Story URL: http://news.medill.northwestern.edu/chicago/news.aspx?id=214927
Story Retrieval Date: 6/19/2013 10:12:19 PM CST
The Super Bowl is a guilty pleasure for 150,000 fans traveling long distance to the game in New Orleans. And for the first time, through the Host Committee website, they can save their guilty consciences.
The competing teams – the Baltimore Ravens and the San Francisco 49ers – come from opposite coasts, but fans will come from all over the country. The Mercedes-Benz Superdome will fill with about 75,000 fans, and just as many will celebrate the 47th annual National Football League championship game in The Big Easy.
The question is: How will all of these people get to New Orleans? Mark Romig, president of New Orleans Tourism Marketing, says there will likely be an even split between travelers flying and driving.
So 150,000 people will either fly or drive – up to 2,000 miles one direction from San Francisco and 1,000 miles from Baltimore – to New Orleans. That adds up to a lot of carbon emissions, all for a four-hour football game.
But this year, fans for the first time can donate money to offset their travel emissions directly though the New Orleans Host Committee Geaux Green website. That’s geaux as in Go Green – Cajun style.
“The expansion of this opportunity to include the fans is new,” said Patty Riddlebarger, chair of the host city environment committee and director of corporate social responsibility at Entergy Corp., a major energy utility in New Orleans and sponsor of the website.
For the first time, on the website, fans can calculate their carbon emissions by entering the city from which they travel, their destination, their mode of transportation and a couple details about their trip.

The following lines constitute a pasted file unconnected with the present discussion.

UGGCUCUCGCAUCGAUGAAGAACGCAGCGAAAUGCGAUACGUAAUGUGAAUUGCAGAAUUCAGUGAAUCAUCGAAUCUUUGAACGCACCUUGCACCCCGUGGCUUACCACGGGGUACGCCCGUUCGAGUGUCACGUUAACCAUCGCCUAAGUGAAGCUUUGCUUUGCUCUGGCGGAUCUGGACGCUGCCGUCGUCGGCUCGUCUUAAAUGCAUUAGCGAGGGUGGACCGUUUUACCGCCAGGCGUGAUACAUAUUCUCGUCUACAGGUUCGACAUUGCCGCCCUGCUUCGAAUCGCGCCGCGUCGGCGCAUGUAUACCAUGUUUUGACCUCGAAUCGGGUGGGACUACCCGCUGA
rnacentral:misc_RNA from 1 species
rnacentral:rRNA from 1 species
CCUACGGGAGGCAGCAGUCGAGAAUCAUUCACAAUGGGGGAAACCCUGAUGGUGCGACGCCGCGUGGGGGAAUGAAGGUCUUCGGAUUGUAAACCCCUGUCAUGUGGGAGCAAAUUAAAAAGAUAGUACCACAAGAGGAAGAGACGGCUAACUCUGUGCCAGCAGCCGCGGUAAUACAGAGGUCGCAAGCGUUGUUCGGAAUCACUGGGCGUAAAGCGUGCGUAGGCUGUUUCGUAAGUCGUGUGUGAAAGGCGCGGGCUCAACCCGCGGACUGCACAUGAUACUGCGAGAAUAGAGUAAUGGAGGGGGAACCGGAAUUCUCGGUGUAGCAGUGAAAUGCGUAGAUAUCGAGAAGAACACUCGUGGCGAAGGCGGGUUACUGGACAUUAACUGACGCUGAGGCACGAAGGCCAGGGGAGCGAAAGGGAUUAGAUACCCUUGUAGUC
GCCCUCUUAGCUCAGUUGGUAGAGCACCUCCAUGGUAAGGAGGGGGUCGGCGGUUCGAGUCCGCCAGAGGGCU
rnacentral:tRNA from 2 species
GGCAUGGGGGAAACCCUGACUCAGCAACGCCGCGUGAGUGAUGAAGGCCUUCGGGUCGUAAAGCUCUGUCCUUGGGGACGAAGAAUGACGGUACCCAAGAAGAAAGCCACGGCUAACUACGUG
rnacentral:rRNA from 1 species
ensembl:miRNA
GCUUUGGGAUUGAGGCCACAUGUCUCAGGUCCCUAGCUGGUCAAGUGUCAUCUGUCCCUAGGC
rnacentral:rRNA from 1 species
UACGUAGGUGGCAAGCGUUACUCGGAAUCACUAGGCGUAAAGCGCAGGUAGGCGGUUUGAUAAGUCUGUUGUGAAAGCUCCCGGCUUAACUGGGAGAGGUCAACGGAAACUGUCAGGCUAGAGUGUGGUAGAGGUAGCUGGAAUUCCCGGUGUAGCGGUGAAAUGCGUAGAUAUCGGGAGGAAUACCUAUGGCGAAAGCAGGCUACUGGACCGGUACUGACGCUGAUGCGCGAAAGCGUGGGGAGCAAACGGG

For example, a fan flying non-stop from Chicago to New Orleans for the big game would have a footprint of 770 pounds of carbon dioxide during their round-trip travel. Driving alone in a car that gets 30 miles per gallon, the fan’s travel would emit 1,198 pounds of carbon dioxide.
The website will then recommend the fan purchase a carbon offset package. Small packages, which offset emissions up to 1,000 pounds, cost $5; medium, 1,500 pounds, $7.50; and large, 2,000 pounds, $10. Fans can also choose to donate an amount of their choosing to offset emissions.
“Conserve all you can, but at a certain point, we need to move to carbon offsets to reduce our impact,” Riddlebarger said.
Each offset purchase goes toward a project of the fan’s choosing that works to offset carbon emissions: Denton Landfill Gas in Texas, Garcia River Forest in California’s North Coast and Green Meadows Farm in Michigan.
Back to that fan flying from Chicago – a small offset package at $5 would cover the round-trip travel emissions. For the car-trip, a $7.50 medium package would do the trick.
Now let’s just say that each of the 150,000 fans traveling to New Orleans travel an average of the 1,700 miles round-trip from Chicago. Some will travel more, some will travel less, but if this were the average, travel to and from the Super Bowl would emit a total of 115.5 million pounds of carbon dioxide. To offset all of that travel, 57,750 large offset packages would need to be purchased. At $10 a pop, that’s more than half a million dollars.
Entergy, one of the major sponsors of the host committee, has promised to match every offset purchased on a one for one basis. Entergy has been active in using and promoting carbon offsets in order to minimize human impact on the environment, Riddlebarger said.
The host committee has several other programs to green this year’s Super Bowl, including local travel. Once fans are in the city, they will be able to participate in a bike share program by checking out bikes downtown to travel to Super Bowl activities. Local residents can even participate in a free bike valet parking service.
“We’re trying to keep the environmental impact of the Super Bowl as small as possible,” Riddlebarger said. Carbon offsets “are just one of the tools in our kit.”